Leaving a job comes with many challenges, including deciding what to do with your 401(k) savings plan. You can cash it out and pay withdrawal penalty and taxes, transfer it to a new employer’s 401(k) plan, or leave it as it is if your old employer allows it. However, one of the best options is to roll the assets to an individual retirement account (IRA).
An individual retirement account (IRA) is a long-term savings plan allowing you to save money for the future while enjoying certain tax advantages. You can open an IRA through an investment company, a bank, a personal broker, or an online brokerage. An IRA has several advantages, from lower costs and fees to fewer rules and regulations. Keep reading this article to learn about the four most common benefits of a 401(K) to IRA Rollover.
1. Wider Investment Options
Most employer-backed 401(k) plans offer limited investment options, and you typically have to choose among several mutual funds from a particular financial provider of the employer’s choice. IRAs, however, offer a broader range of investment options, allowing you to choose investments that better align with your financial goals, investment preferences, and risk tolerance.
You can buy or sell holdings whenever you want or invest in individual stocks, bonds, or exchange-traded funds (ETFs). You can also invest in precious metals by rolling over your 401(k) savings plan to a precious metals IRA with financial institutions like Oxford Gold Group.
Unlike traditional IRAs that hold paper assets, precious metal IRAs have physical precious metals like gold, silver, platinum, or palladium in the form of coins or bars as an investment instead of traditional stocks and bonds. Many IRA providers also offer financial advisors and investment tools to help you make informed investment decisions and efficiently manage your retirement savings.
2. Simpler Rules
As 401(k) retirement plans are employer-sponsored, you are subject to the rules and regulations set by the employers sponsoring it. Employers typically have much leeway in setting up their plans, which means that rules for a 401(k) plan can vary from place to place, and it can be challenging to understand them. In contrast, the Internal Revenue Service (IRS) standardizes IRA regulations everywhere so that IRAs across financial institutions follow the same rules.
IRAs also typically have fewer rules. Whereas employers can set more extensive restrictions on investment options and distribution rules for a 401(k), such limits are generally fewer with an IRA. You also have greater control over the amount the IRS can withhold as tax from an IRA (with the option to pay the rest later), whereas for a 401(k), the IRS has set the amount at an unchangeable 20%.
3. Potential for Conversion to Roth IRA
Traditional 401(k) plans typically permit only a traditional IRA rollover. If you want a Roth IRA, you’ll need a traditional IRA first. In a Roth IRA, you only pay taxes in the years you contribute the money, and no tax is due upon withdrawal. If you expect to be in a higher tax bracket by the time you retire or believe the taxation percentage will be higher by the time you require your savings, then rolling over to a Roth IRA and paying the tax now can help provide tax benefits in retirement.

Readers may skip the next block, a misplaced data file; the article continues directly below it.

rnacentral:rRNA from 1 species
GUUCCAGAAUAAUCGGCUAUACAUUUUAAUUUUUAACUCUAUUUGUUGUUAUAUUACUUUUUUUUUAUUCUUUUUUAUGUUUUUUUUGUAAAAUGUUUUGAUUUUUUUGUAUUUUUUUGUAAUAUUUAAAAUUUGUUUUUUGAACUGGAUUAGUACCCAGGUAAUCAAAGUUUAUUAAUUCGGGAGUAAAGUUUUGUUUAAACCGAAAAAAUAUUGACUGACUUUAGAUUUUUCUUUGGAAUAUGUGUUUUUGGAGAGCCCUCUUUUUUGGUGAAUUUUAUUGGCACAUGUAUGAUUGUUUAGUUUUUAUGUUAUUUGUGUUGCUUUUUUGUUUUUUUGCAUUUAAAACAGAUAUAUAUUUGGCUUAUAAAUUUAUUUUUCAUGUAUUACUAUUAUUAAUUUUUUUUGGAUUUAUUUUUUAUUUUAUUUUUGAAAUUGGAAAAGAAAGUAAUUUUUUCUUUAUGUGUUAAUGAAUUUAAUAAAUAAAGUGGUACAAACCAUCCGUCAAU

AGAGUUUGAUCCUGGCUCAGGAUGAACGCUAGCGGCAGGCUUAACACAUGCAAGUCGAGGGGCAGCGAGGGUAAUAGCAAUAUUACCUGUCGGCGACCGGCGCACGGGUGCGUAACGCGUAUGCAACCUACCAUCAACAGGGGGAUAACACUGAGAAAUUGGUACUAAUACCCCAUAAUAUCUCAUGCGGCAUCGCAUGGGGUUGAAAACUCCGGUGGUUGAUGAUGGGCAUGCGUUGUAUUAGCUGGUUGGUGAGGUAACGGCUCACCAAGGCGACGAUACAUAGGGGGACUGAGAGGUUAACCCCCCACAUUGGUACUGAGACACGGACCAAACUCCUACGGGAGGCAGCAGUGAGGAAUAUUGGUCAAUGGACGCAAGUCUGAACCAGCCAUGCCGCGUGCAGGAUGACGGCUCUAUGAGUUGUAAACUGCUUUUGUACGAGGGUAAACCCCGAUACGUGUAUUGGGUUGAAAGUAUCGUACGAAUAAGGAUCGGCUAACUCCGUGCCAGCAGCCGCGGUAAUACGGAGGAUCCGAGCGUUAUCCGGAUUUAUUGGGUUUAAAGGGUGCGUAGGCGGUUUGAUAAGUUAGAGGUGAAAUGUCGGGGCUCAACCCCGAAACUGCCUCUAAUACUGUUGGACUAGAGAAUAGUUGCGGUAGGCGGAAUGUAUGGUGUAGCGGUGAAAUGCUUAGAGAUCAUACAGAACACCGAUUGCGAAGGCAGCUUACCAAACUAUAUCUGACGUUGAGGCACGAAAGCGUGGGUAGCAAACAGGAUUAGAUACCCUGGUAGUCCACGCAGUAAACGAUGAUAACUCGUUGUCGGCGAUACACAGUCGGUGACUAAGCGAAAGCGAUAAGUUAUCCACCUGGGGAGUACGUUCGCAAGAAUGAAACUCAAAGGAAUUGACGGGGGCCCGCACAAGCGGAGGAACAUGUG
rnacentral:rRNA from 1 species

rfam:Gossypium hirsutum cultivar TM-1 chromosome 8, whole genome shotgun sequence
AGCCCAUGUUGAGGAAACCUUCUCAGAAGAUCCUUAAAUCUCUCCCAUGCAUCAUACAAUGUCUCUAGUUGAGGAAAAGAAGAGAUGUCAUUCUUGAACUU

You don’t have to withdraw required minimum distributions (RMDs) starting at age 73 from a Roth IRA as you’ve already paid the income taxes due. It’s also much easier to withdraw funds from a Roth IRA than a traditional one if you are younger than 59½ years, as there typically aren’t any fines for early withdrawal.
4. Lower Costs and Fees
Rolling your money to an IRA can lead to significant savings over time. The funds offered by the 401(k) plan are typically more expensive than the norm for their asset class, and there is also an additional annual fee that the financial institution managing the plan charges. IRA providers have much lower fees and costs in comparison.
There are numerous IRA providers, so they must compete with each other on fees, helping keep fees low for investors. They also have lower administrative and management costs. These reasons help IRAs be a more cost-effective option compared to a 401(k) savings plan.
How to Roll Over Your 401(K) to an IRA
There are three ways to rollover to an IRA from a 401(k) savings plan. You can rollover from:
a traditional 401(k) to a traditional IRA
a Roth 401(k) to a Roth IRA
A direct rollover from the financial institution holding your 401(k) plan to the one managing your IRA is typically the safest and easiest way. However, you can also roll over the money indirectly by taking possession of the money yourself. Normally, you will have 60 days to roll over the amount to an IRA. The financial institution will consider the distribution as a withdrawal, and you will be subject to taxes, which is why this option is riskier.
Rolling over your 401(k) savings plan’s assets to an individual retirement account (IRA) can be one of the best options for individuals who leave a job. Not only do IRAs offer wider investment options, but the rules and regulations are also much simpler and standardized, and an IRA is a much more cost-effective option. Overall, IRAs can be a more flexible and less restrictive retirement savings option than 401(k) plans. Before considering an IRA, you must consult your financial advisor, as they can help you choose the right Roth IRA provider and investment options for your needs.